Anna A. Maley was born January 6, 1872 in Faxon, Sibley County, Minnesota, the daughter of Irish immigrants. After completing her secondary education, Maley worked first as a stenographer before taking a position as a schoolteacher. She taught for six years in the public schools of Minnesota before entering the University of Minnesota, where she studied literature.
During her time at the University of Minnesota, Maley was introduced to socialist ideas and became a committed adherent. She was elected the first Secretary of Local Minneapolis of the Socialist Party of America at the time of its formation late in the summer of 1901.
In 1903, Maley was made part of the staff of Julius Wayland's seminal Socialist weekly, the Appeal to Reason, based in the small Southeastern Kansas town of Girard. After a few years at the Appeal, Maley moved to New York City to continue her career in Socialist journalism, taking a position on the staff of The Worker, weekly forerunner of the daily New York Call. Maley continued on at the Call at the time of its launch in 1908.
At the urging of the highly esteemed Social Democratic Party of Germany, the Second International passed a resolution in August 1907 calling upon the Socialist parties of the world to launch their own women's sections to agitate for the right to vote and to better target socialist propaganda to a female audience. The governing National Executive Committee of the Socialist Party of America was quick to follow this international guidance, approving a national lecturer for the organization of independent women in January 1908 and moving the question of women's relationship to the socialist movement onto the agenda for the May 1908 National Convention of the party, held in Chicago.
Further motivated by a May 12, 1908 gathering of the non-party Socialist Women's League of Chicago — held simultaneously with the party conclave — the 1908 SPA National Convention formally approved the previous appointment of a national lecturer for women and recommended the establishment of a five-member Woman's National Committee to coordinate the party's female-oriented activities. Although not one of the five original members of the National Woman's Committee, Maley was named to the committee in 1909, when she succeeded Akron attorney Marguerite Prevey as chairwoman.
Maley was regarded by her peers as a talented and effective public speaker and she spent extensive time in Los Angeles in 1911 speaking on behalf of the Mayoral campaign of Job Harriman in that year.
In September 1911, Maley made her way to the Pacific Northwestern region of the United States to take over as editor of the Socialist newspaper The Commonwealth, based in the mill town of Everett, Washington. During the time she headed the financially struggling paper, Maley earned her primary income as a public lecturer, drawing very little income from the paper's coffers. Maley remained on the staff until the end of May 1912, when she left wage a campaign running for Governor of Washington.
Maley's candidacy marked the first time that a woman had run for the highest office in Washington state. Although she won more than 12% of the vote in the 1912 Washington gubernatorial race, finishing fourth, Maley's vote totals ran slightly behind those generated by Presidential candidate Eugene V. Debs. Despite this, the number of ballots cast for Maley exceeded those cast for any other Socialist Party nominee for governor, before or since.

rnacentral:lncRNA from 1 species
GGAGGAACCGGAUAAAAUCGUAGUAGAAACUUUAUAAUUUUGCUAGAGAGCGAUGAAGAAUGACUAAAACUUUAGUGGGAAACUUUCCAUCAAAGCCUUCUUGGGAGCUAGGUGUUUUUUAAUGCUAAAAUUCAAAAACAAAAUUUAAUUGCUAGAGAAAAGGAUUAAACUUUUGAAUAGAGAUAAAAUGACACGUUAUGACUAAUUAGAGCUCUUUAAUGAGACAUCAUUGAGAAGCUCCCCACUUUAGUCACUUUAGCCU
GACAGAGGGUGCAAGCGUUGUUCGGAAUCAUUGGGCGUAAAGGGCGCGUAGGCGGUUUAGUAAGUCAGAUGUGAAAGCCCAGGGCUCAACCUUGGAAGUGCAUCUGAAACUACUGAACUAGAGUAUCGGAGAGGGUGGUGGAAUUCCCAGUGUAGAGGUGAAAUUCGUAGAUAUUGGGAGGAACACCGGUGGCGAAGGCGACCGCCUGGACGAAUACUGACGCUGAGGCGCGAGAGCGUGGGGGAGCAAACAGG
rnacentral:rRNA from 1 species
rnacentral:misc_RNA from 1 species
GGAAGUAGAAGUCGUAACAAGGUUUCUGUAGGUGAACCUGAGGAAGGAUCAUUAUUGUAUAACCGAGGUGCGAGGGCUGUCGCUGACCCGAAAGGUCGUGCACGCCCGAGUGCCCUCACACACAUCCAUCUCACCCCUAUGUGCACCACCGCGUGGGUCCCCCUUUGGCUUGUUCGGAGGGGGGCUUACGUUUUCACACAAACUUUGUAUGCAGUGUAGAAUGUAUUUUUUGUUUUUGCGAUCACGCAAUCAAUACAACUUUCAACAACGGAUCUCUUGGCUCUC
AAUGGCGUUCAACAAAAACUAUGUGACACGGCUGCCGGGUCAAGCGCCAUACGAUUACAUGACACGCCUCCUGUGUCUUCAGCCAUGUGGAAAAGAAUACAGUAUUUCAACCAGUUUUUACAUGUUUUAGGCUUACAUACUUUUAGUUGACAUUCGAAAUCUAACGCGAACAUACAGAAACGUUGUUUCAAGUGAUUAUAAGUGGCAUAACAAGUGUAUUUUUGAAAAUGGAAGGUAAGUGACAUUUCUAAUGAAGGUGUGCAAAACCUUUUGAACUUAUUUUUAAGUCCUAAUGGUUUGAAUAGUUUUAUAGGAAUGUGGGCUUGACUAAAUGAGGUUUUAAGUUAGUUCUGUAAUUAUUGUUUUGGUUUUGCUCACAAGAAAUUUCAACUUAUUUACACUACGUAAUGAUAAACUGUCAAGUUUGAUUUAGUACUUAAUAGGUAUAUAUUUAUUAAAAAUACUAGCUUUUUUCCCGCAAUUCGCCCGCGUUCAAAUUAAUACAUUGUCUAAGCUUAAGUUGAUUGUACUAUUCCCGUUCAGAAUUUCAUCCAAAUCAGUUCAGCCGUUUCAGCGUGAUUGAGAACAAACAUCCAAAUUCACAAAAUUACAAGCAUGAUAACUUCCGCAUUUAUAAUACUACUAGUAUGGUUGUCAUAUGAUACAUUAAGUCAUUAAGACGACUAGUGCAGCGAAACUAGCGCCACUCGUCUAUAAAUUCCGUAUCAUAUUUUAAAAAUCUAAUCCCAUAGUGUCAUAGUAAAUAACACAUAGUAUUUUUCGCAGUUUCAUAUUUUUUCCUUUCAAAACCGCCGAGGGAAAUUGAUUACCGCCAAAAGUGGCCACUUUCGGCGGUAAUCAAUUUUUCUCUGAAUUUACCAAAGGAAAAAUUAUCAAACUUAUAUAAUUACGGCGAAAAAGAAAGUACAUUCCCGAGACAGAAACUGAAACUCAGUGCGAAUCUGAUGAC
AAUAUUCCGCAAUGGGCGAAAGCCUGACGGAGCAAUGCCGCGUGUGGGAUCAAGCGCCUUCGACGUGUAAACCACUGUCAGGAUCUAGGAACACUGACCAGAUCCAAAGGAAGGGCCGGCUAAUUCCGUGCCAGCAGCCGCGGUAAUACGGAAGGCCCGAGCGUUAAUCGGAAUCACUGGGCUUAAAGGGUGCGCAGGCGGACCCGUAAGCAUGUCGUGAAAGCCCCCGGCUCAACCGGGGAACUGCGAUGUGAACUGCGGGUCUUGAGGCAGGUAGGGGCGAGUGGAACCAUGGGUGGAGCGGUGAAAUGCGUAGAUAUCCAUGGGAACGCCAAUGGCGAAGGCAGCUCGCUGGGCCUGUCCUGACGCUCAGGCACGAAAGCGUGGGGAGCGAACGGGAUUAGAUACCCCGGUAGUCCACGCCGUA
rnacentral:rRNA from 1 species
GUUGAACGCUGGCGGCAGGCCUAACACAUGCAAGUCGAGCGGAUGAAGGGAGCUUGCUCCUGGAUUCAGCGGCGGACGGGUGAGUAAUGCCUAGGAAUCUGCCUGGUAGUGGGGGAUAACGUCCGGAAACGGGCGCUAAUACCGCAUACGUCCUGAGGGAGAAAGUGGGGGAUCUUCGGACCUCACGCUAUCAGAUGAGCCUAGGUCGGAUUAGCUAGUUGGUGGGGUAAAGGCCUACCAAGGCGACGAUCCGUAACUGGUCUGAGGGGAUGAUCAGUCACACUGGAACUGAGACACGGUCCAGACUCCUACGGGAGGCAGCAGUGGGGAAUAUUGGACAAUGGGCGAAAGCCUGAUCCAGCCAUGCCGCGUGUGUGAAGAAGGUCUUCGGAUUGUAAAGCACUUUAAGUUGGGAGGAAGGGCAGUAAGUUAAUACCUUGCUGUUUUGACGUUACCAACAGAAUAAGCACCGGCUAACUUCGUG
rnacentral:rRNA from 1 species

Maley was a supporter of the moderate faction of the Socialist Party of Washington headed by Seattle dentist Edwin J. Brown and Walter Thomas Mills and was essentially squeezed out of the state party during the bitter factional war of 1913. Leaving the West, Maley was active in a free speech fight in the Eastern mining state of West Virginia in the summer of 1913.
A return to New York City followed, with Maley taking a job as an instructor at the Socialist Party's Rand School of Social Science. Maley wrote a short works during this period, a textbook for students of socialism at the Rand School called Elements of Socialism: Twelve Lessons.
Maley was elected to the governing National Executive Committee of the Socialist Party in 1916, becoming just the third woman to serve in that capacity from the time of the party's formation in 1901 until the coming of World War I.
Maley married for the first time when she was in her forties. Within a few months after their marriage, Maley's husband, a certain Dr. Ringsdorf, fell ill from tuberculosis. Maley nursed Ringsdorf through his protracted illness, which ultimately killed him.
Returning to Socialist Party work after her husband's death, Maley hit the road as a touring lecturer on behalf of the organization. This continued until she contracted malaria while in Arkansas, a condition complicated by the onset of Bright's disease. Maley remained in ill health for the rest of her life, returning to Minnesota to be cared for by her family.
Back home in Minneapolis, Maley returned to work again as an assistant to Thomas Van Lear, the Socialist mayor of the city. She remained in this position for the last two years of her life, eventually succumbing to her chronic illness.
Anna Maley died on November 28, 1918 in Minneapolis. She was just 46 years old at the time of her death. Her body was interred at St. Mary's Cemetery in Minneapolis.Elements of Socialism: Twelve Lessons. New York: Rand School of Social Science, 1914.
Our National Kitchen: The Substance of a Speech on Socialism. Minneapolis, MN: People's Press, 1916.
The Workers' Herald Campaign Leaflet. Minneapolis, MN: Hennepin County Central Committee for the Candidates of the Socialist Party, Committee on Information, 1918.